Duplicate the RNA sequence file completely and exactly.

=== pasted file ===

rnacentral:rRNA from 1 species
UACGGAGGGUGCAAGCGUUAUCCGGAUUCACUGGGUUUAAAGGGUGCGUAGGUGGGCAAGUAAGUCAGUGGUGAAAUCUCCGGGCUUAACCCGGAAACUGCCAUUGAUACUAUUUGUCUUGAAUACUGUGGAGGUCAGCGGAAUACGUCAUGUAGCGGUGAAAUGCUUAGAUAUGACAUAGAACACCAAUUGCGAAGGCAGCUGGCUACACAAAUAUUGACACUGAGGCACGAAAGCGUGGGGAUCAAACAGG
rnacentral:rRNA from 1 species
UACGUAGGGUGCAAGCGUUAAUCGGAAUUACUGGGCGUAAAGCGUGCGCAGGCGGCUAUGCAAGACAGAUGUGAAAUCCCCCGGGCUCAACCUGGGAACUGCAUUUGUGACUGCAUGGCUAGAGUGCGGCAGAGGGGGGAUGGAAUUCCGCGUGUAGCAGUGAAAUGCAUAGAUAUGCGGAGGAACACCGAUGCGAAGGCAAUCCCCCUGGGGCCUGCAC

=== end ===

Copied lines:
rnacentral:rRNA from 1 species
UACGGAGGGUGCAAGCGUUAUCCGGAUUCACUGGGUUUAAAGGGUGCGUAGGUGGGCAAGUAAGUCAGUGGUGAAAUCUCCGGGCUUAACCCGGAAACUGCCAUUGAUACUAUUUGUCUUGAAUACUGUGGAGGUCAGCGGAAUACGUCAUGUAGCGGUGAAAUGCUUAGAUAUGACAUAGAACACCAAUUGCGAAGGCAGCUGGCUACACAAAUAUUGACACUGAGGCACGAAAGCGUGGGGAUCAAACAGG
rnacentral:rRNA from 1 species
UACGUAGGGUGCAAGCGUUAAUCGGAAUUACUGGGCGUAAAGCGUGCGCAGGCGGCUAUGCAAGACAGAUGUGAAAUCCCCCGGGCUCAACCUGGGAACUGCAUUUGUGACUGCAUGGCUAGAGUGCGGCAGAGGGGGGAUGGAAUUCCGCGUGUAGCAGUGAAAUGCAUAGAUAUGCGGAGGAACACCGAUGCGAAGGCAAUCCCCCUGGGGCCUGCAC